See the slides at http://connections.blackboard.com/files/edccbd7423/andy_r_reality_check_durham_09.ppt

The first keynote presentation which was from Andy Ramsden, head of e-learning at the University of Bath, who set about exploring whether e-learning has lived up to its early promise. In one respect he showed that it has, by using an electronic voting system throughout the presentation which would have been very unusual a few years ago, and did lead to quite a lot of interactivity in the session. He started by reminding us that those of us involved in e-learning were actually small cogs in big institutional machines, but that didn’t stop us from doing quite a lot to bring about change. In the first electronic poll he showed that at least 25% of the audience had been involved with virtual learning environments for more than 8 years, (including, it has to be said, your correspondent!) which led to the unspoken conclusion that if e-learning hadn’t lived up to its promise, we’d no-one to blame but ourselves!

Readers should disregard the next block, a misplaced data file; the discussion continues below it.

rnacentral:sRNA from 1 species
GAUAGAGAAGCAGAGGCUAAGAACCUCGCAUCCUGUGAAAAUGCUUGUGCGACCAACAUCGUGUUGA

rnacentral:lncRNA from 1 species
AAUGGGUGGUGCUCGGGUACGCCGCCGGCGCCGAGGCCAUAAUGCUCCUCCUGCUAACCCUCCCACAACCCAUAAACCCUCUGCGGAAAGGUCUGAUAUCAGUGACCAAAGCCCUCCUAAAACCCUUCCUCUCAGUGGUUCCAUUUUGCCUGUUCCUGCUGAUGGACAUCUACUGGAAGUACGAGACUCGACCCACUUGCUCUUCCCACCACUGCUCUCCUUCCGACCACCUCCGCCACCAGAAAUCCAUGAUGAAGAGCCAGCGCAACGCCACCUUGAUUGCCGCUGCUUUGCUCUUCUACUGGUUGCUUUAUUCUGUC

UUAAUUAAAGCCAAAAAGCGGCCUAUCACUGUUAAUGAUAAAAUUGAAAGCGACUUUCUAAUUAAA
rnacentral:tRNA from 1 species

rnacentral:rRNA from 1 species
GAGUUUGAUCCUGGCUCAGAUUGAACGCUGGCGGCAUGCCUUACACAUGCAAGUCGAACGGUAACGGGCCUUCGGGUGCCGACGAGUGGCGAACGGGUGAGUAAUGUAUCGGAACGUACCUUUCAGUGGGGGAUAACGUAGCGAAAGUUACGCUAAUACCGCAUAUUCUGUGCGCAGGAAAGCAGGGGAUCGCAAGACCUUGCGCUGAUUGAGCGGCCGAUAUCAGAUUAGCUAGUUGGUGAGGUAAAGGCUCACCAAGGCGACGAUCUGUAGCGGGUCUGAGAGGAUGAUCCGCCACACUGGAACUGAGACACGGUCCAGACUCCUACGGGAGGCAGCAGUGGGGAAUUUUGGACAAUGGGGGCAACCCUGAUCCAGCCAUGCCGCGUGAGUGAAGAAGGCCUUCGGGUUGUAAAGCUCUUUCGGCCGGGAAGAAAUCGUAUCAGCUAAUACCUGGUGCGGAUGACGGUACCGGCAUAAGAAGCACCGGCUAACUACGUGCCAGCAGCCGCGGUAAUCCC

He then presented the results of a survey at Bath, which found that 51.7% of academics didn’t post their lecture material before the lecture, and that 21.9% didn’t do it afterwards. In fact 10% of academics at Bath don’t engage with learning technology in any shape or form! Even those that do, tend to use things like PowerPoint, or even OHP transparencies. That said, there was some encouraging use of newer technologies like Twitter and videoconferencing. So, it appears, on the face of it at least, that the newer technologies have not changed teaching very much. But as Andy indicated, that kind of conclusion didn’t sit very easily with the array of technological gadgetry sitting on the desk in front of him, and he also noted that most people do in fact share things like web resources quite a lot. But there was another question about how they did this sharing, and we had another poll this time using a service called Edutext (I’ve got us a free trial by the way I’ll post here when the details come through) This time we all texted in the ways we shared information with colleagues. Predictably e-mail was by far the most common communication method in HE. (By a very large distance indeed.) So, there are at least two technologies, e-mail and the web that have very much lived up to their early promise.